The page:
Quick example: I live in Austria and we have the so called ‘Verbotsgesetz’ that prohibits Nazi activity and holocaust denial among other things. Rightly so, but it can easily be misused. Dare to argue for example that integration of some groups of foreigners didn’t work as the left wingers had said and that instead these tend to stay among themselves, not caring about their new home country….oh boy, you’re obviously a xenophobic rightwinger! Oh, you say that the jewish culture is not to your liking or think Israel is pushing it too far? You’re a Nazi!
    The pool folks in the UK are now having this with Islam.

    Uhm…I digress. This topic was about astrology :-D

  67. quasidog

    Yeah I agree. All that is a misuse of political correctness. To actually be arrested for being a holocaust denier is an abuse. It is just plain stupid. Freedom of speech is freedom of speech. If it sounds stupid then ignore it. Arresting people for talking abut it just has the reverse effect. Some may think, “what are they so sensitive about? are they trying to cover something up ?” I can see the value of banning Naziism itself, but you can’t ban people talking about it. It is stupid.

    I see your point.

    Also the terms ‘rightwing’ and ‘leftwing’ …. give me a break. I know they are political terms but for crying out loud… there are more than 2 sides to most issues. Most issues are complex and diverse. Right wing, left wing .. simple minded political correct terms abused mostly by aggressive people that really don’t have a clue what they are talking about.

    Grr. :)

  68. Curt Steinmetz

    This story has the obvious look and feel of a hoax. That should be obvious to anyone with any actual critical thinking skills.

  69. quasidog

    @ Curt Steinmetz .. so you are suggesting that if certain ones critically decide it is not a hoax .. they have flawed critical thinking abilities ? Are you suggesting your view is the correct way to critically think ?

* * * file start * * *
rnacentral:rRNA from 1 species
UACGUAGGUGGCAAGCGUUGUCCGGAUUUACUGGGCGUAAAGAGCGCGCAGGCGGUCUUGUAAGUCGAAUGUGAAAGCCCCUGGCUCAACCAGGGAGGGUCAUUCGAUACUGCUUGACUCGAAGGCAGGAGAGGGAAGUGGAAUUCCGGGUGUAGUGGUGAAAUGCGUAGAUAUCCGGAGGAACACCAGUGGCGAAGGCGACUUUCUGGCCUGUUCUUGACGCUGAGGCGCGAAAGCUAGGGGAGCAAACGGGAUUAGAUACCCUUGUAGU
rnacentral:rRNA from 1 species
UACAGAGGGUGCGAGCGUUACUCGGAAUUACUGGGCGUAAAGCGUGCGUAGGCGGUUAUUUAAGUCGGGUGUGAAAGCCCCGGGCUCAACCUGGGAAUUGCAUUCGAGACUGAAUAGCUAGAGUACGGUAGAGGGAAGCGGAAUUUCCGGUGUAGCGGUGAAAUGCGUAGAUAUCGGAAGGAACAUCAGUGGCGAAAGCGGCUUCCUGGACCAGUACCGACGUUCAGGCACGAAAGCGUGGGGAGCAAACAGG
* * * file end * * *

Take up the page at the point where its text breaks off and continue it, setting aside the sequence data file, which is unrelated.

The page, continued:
saying something has the look and feel of a hoax is not the same as doing some research and posting here the results that prove it’s a hoax. Otherwise its a guess either way, critical thinking or not. Really smart people use astrology in business to make financial decisions all the time. Really smart brokers do it in wall street daily. It’s not as common now but it still happens. If they believe that horoscopes can help them make money, would some not also believe that hiring people under a certain star sign that they believe would be favourable to the financial position of the company too ? When you reason it like that (or critically think about it in that way) is it such a far stretch of the imagination to believe some people in charge of certain companies would think this way? Being rich also does not mean you are smart either. There are many facets you could throw at this. Is that enough critical thinking? I could research it but I really couldn’t be bothered as I don’t care either way. If you find some data that proves it a hoax by all means post it, but I think most people here have sound critical thinking abilities.